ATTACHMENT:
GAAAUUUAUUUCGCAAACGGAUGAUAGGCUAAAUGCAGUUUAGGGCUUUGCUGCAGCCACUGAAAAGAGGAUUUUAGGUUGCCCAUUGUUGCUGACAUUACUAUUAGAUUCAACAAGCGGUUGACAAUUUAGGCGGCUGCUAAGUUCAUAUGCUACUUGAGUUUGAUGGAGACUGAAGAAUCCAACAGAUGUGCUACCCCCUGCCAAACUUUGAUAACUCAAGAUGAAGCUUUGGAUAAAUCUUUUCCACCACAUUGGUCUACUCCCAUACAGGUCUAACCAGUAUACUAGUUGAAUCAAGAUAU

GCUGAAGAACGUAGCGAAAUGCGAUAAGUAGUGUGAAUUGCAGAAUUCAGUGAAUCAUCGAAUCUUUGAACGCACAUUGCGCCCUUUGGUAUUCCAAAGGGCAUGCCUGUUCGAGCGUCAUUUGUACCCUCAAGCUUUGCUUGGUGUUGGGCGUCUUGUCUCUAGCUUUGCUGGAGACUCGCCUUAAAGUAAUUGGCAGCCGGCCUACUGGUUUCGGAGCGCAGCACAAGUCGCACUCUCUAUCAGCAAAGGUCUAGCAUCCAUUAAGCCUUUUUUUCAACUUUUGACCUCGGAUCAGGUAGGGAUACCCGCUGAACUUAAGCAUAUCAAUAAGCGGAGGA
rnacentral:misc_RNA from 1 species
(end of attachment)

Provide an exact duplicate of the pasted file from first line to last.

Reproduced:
GAAAUUUAUUUCGCAAACGGAUGAUAGGCUAAAUGCAGUUUAGGGCUUUGCUGCAGCCACUGAAAAGAGGAUUUUAGGUUGCCCAUUGUUGCUGACAUUACUAUUAGAUUCAACAAGCGGUUGACAAUUUAGGCGGCUGCUAAGUUCAUAUGCUACUUGAGUUUGAUGGAGACUGAAGAAUCCAACAGAUGUGCUACCCCCUGCCAAACUUUGAUAACUCAAGAUGAAGCUUUGGAUAAAUCUUUUCCACCACAUUGGUCUACUCCCAUACAGGUCUAACCAGUAUACUAGUUGAAUCAAGAUAU

GCUGAAGAACGUAGCGAAAUGCGAUAAGUAGUGUGAAUUGCAGAAUUCAGUGAAUCAUCGAAUCUUUGAACGCACAUUGCGCCCUUUGGUAUUCCAAAGGGCAUGCCUGUUCGAGCGUCAUUUGUACCCUCAAGCUUUGCUUGGUGUUGGGCGUCUUGUCUCUAGCUUUGCUGGAGACUCGCCUUAAAGUAAUUGGCAGCCGGCCUACUGGUUUCGGAGCGCAGCACAAGUCGCACUCUCUAUCAGCAAAGGUCUAGCAUCCAUUAAGCCUUUUUUUCAACUUUUGACCUCGGAUCAGGUAGGGAUACCCGCUGAACUUAAGCAUAUCAAUAAGCGGAGGA
rnacentral:misc_RNA from 1 species